The BDE-209 parent starting material used in this experiment also contained small amounts of the three nonabromodiphenyl ethers, 2.0% BDE-206, 1.9% BDE-207, and 0.9% BDE-208, on a mole fraction basis (Figure 2A). The experiment was initiated by the addition of the titanium citrate reducing agent, and within 5 minutes, BDE-209 completely debrominated in the biomimetic system to more than a dozen daughter products, dominated by hexabromodiphenyl ether congeners. After 24 hours, the debromination reaction pathways had converged to primarily two pentabromodiphenyl ether congeners, BDE-99 and BDE-119 (2,3',4,4',6-,), and two tetrabromodiphenyl ethers, BDE-47 and BDE-66 (2,3',4,4'-,) (Figure 2B). It is noteworthy that all four of the major terminal congeners are double para substituted, indicating that in the biomimetic system, ortho and meta debromination regiospecificity dominates. Detailed examination of the debromination trajectory indicates that the vitamin B12- mediated reaction has broader specificity (more products) than the sediment debromination.

Figure 2. Reductive Debromination of BDE-209 in a Co-Solvent Enhanced Biomimetic System. (A) Starting material, and (B) reactive at 24 hours.

Figure 2. Reductive Debromination of BDE-209 in a Co-Solvent Enhanced Biomimetic System. (A) Starting material, and (B) reactive at 24 hours.

Figure 2. Reductive Debromination of BDE-209 in a Co-Solvent Enhanced Biomimetic System. (A) Starting material, and (B) reactive at 24 hours.

Reductive Debromination of BDE-99 in a Biomimetic System

The parent BDE-99 material was greater than 97% pure (mole fraction), but contained small amounts of the hexabromodiphenyl ethers BDE-153 and BDE-154, which are also found in the commercial Penta-product. After 7 days, the BDE-99 was almost completely debrominated. The daughter products were primarily three tetrabrominated congeners, BDE-47, BDE-66, and BDE-49 (2,2',4,5'-), which converged by debromination to primarily two tribrominated congeners, BDE-28 (2,4,4'-) and BDE-17 (2,2',4-), and a very small amount of BDE-37 (3,4,4'-). In the first few hours of the experiment, before the appearance of any tribromodiphenyl ethers, BDE-47, BDE-66, and BDE-49 appeared in a mole ratio of about 5:4:1, respectively. Subsequently, BDE-17, BDE-28, and BDE-37 appeared in a mole ratio of about 3:2:0.15, respectively. Of the six tetra- and tri-BDE product congeners appearing from BDE-99, four were double para-substituted and accounted for more than 79% of the total.

Reductive Debromination of BDE-47 in a Biomimetic System

The BDE-47 starting material used in the biomimetic experiment was greater than 99% pure. After 15 days, more than 80% of the initial BDE-47 remained, with about 12% being transformed to BDE-28 and slightly less than 5% to BDE-17. Since BDE-28 is the dominant product of vitamin B12- mediated BDE-47 debromination, we can conclude that a significant portion of the BDE-17 appearing in the BDE-99 experiment goes through the BDE-49 intermediate. The results indicate that BDE-47 has the lowest reactivity for debromination when compared to BDE-99 and BDE-209. The BDE-209 debromination half-life was 18 seconds, compared to a half-life of about 19.9 hours for BDE-99, and almost 58 days for BDE-47 in the biomimetic system. Clearly, the PBDE debromination rate was proportional to the number of bromine substitutions, proving our first hypothesis. These results demonstrate that BDE-47 is the dominant first debromination product of BDE-99, but BDE-47 is not the only product, nor is it the terminal product.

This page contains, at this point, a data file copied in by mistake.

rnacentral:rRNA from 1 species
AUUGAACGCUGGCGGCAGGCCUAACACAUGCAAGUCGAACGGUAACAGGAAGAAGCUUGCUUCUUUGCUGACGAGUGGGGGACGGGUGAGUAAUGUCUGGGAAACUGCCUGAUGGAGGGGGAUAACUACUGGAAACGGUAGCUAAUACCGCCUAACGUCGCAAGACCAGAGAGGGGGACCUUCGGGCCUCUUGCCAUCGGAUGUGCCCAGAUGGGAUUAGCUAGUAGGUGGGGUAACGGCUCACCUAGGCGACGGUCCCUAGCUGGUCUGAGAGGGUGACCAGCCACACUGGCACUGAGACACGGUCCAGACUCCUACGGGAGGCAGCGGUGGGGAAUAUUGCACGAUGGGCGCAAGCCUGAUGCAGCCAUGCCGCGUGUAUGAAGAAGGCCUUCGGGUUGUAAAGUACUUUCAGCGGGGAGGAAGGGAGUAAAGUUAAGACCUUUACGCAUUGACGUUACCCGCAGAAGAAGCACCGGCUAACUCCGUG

Conclusions

In sediment microcosms after approximately 3.5 years of anaerobic incubation at room temperature (22°C), the mole fraction of BDE-209 decreased by more than 12%, with a corresponding increase in nona-, octa-, hepta-, and hexa-PBDEs. The calculated laboratory half-life of BDE-209 was well over a decade, and was in good agreement with the predicted value obtained from the biomimetic experiment. Nine new PBDE congeners appeared in sediment microcosms as products of reductive debromination, but the terminal debromination products of BDE-209 are as yet unknown. We can conclude with certainty that BDE-209 can undergo sequential anaerobic reductive dehalogenation to less brominated congeners. It is important to determine whether this transformation is a significant source of lesser brominated PBDEs to the environment. The finding that BDE-99 also undergoes slow debromination to tetra- and tribromodiphenyl ether congeners in sediment strongly indicates that anaerobic reductive debromination of BDE-209 could be responsible for some portion of the flux of lower molecular weight PBDEs into the biosphere. The biomimetic experiments clearly demonstrate that BDE-209, BDE-99, and to some extent BDE-47 are highly amenable to reductive debromination transformation. However, in aquatic environments there are competing influences of hydrophobicity and reactivity, and therefore, significant retardation in the rate of debromination.


Journal Articles on this Report : 3 Displayed | Download in RIS Format

Other project views: All 6 publications 3 publications in selected types All 3 journal articles
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Journal Article Ahn M-Y, Filley TR, Jafvert CT, Nies L, Hua I, Bezares-Cruz J. Photodegradation of decabromodiphenyl ether adsorbed onto clay minerals, metal oxides, and sediment. Environmental Science & Technology 2006;40(1):215-220. R830251 (Final)
R830398 (Final)
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  • Journal Article Ahn M-Y, Filley TR, Jafvert CT, Nies L, Hua I. Birnessite mediated debromination of decabromodiphenyl ether. Chemosphere 2006;64(11):1801-1807. R830251 (Final)
    R830398 (Final)
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  • Journal Article Tokarz III JA, Ahn M-Y, Leng J , Filley TR, Nies L. Reductive debromination of polybrominated diphenyl ethers in anaerobic sediment and a biomimetic system. Environmental Science & Technology 2008;42(4):1157-1164. R830251 (Final)
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  • Supplemental Keywords:

    environmental fate, brominated flame retardants, decabromodiphenyl ether, biomimetic, environmental chemistry,, RFA, Scientific Discipline, Waste, Water, Ecosystem Protection/Environmental Exposure & Risk, Contaminated Sediments, Environmental Chemistry, Restoration, Environmental Monitoring, Ecology and Ecosystems, Aquatic Ecosystem Restoration, Exp. Research/future, Futures, reducitve debromination, reductive debromination, biodiversity, contaminated sediment, flame retardants, PBDE, conservation, contaminant uptake, ecological pollutants, exploratory research, remediation, environmental rehabilitation, environmental stress, ecotoxicology, anaerobic biotransformation

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    Original Abstract
  • 2003 Progress Report
  • 2004
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  • 2006